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1 Tonner Dobroth Keel Draft Reduction


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Ahoy sailors,

I'm in the process of modifying a 1985 Lager 40 on a Laser sailors budget, lol. She was refitted in 1998 with a Brendan Dobroth designed stainless steel keel with a lead triangular ball and matching rudder. She also received a new rig and chain plates to carry more sail. She originally drew 7 feet, and now draws about 8 feet 6 inches. Apparently this actually netted a significant reduction in overall weight getting rid of the solid lead fin keel and moving to the lead torpedo. They compensated by added lead to the sole of the boat to maintain its weight and waterline length for going to windward.

Fast forward now a few years and she has been sitting on the hard on the north shore of Lake Ontario. Far too deep of a draft to use practically in these waters. We have begun the process of reducing the draft back down to 7 feet by cutting the stainless blade, removing a 16 inch section and welding the lead ball back on with a new total draft of around 7 feet.

My question to you sailing masters has to do with adding additional lead weight to the existing torpedo to make up righting action for the shortened keel blade. I also noticed the blade, once cut so I could see the cross section, seemed to not have much of a proper foil shape to it, and appeared to almost taper off equally in the front as the back does. This and the strange shape of the torpedo with a triangular cross section apparently from my digging acts also like a foil and assists with going to windward rather then a perfectly round torpedo which is just ballast going along for the ride.... 

I weighed the ball once it was chopped off, which came in at just under 4000lbs, my crude math showed me a 8 and half foot draft dropped down to 7 feet, would need 800lbs added to the 4000lbs already there to "make up for" the leverage lost from shortening the keel.

I was considering rounding out the torpedo with additional lead to make the ballast heaver and more like a modern looking racing yacht's round ballast bulb. But don't want to ruin its function as a foil, if thats what the triangularization is doing. That or maybe make a lead shoe to bolt on the bottom. Or Mars keel, which is local to me and manufactures keels for Catalina and C&C said to potentially use thin sheet lead, and epoxy it on one layer at a time, building it up and forming it to the original shape just fatter, until I've added the needed weight.

Can anyone back me up if my math seems right with the amount of lead that should be added or net the same leverage/righting motion? With the lead out of the floor she is already under weight as I said so its no sweat adding lead as needed. Round the bulb? extend the ends forward and aft? add lead wings? Shoe on the bottom?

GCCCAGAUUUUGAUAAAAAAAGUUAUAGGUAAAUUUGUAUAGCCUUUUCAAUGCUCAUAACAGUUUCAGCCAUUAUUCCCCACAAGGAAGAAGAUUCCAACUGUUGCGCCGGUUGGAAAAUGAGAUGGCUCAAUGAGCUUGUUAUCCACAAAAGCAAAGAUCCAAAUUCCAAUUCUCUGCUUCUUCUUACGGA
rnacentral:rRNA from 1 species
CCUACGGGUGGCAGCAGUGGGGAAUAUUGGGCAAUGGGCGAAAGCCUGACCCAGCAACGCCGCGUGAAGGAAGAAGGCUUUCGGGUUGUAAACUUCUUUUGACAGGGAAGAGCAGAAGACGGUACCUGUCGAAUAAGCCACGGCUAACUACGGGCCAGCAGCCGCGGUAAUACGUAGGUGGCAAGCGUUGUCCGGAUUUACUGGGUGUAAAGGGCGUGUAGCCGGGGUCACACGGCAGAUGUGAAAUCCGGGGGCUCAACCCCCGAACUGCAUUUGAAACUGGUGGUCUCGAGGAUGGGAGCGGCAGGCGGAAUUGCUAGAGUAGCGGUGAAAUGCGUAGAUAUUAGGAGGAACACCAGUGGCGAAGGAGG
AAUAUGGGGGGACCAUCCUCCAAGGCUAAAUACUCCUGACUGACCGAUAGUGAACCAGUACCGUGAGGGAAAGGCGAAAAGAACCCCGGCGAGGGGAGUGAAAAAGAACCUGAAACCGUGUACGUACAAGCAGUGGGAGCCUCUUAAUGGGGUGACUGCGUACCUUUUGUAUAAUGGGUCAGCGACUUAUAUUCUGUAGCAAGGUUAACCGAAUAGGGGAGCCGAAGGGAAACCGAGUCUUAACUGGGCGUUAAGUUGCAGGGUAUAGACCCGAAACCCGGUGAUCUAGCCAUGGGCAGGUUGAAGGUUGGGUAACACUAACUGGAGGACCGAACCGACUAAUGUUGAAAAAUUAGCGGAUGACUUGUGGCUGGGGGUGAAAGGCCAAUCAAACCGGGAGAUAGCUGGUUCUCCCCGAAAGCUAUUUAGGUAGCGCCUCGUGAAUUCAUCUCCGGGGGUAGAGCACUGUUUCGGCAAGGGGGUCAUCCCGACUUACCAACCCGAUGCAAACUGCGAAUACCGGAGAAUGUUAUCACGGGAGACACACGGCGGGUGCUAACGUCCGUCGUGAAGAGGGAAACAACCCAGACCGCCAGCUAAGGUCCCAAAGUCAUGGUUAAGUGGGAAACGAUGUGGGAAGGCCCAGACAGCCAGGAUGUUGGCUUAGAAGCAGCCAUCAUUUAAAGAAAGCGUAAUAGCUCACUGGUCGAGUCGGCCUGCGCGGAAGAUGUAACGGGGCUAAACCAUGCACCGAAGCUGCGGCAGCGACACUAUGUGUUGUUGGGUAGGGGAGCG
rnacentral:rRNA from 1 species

All of the work, lifting the boat off the keel, handling the bulb, removing the engine, its all being done by me and whoever is around the yard to help out at the time with 4x4s and chain hoists, so it needs to be a backyard friendly solution! :)

Thanks friends!

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Well, I hope you've got a lot of money left for a proper load analysis. Those 'I' beam sections inside the keel profile supply most of the strength. How are you going to re-weld (?) them back the beams in the bulb? Those beams were engineered for a specific load analysis - even with a shorter length, adding more weight on the bottom combined with loss of strength re-connecting the beams may still leave the structure under strength. Do you have the Dobroth design plans/calculations? Or just hire him again.

You're committed now, hope you can finish it without endangering lives.

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I concur with longy. Who recommended cutting the shark tooth? It’s obviously to increase the area of the cross section weld. Looks very extreme. Also very hard to accurately reassemble.  Welding is pretty good at replacing the original strength with a bit more added material in critical places. How are you going to connect the internal webbing?

You should have taken the length out of the top or bottom not the middle. 
 

One of my best friends is a marine surveyor and an engineer. There is no fucking way he would sign off on an insurance survey without a pro engineer  providing a shite load of docs and all of the liability. You may have trouble getting insurance. 

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What's your plan for the internal I-beams?
I don't see anyway to weld them once you reassemble the keel & I don't know if I'd trust such a weld anyway.

From the photos it looks like the I-Beams are bolted through the side of the keel skin, it would seem to make more sense to replace them completely.
And +1 to everything Longy said above about load analysis, this isn't something you want to guess.

 

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MIddayGun - good call on beam to skin connection - looks like plug welds at forward and aft edges of the vertical beams. It's a strong structure as designed and built. Now?

Cutting a $$$ custom keel in half before you've figured out how to safely put it back together, if that's even possible, was ill advised. It's done now but can it be salvaged? You still have the righting moment to figure out, let alone how you will make the structure sound. 4,500 or so pounds is a lot of weight to manage on the end of the fin. I am torn between trying to conjecture how it could be done safely and just saying "WTF were you thinking???"

ALSO: has everyone has forgotten something?

T or STFU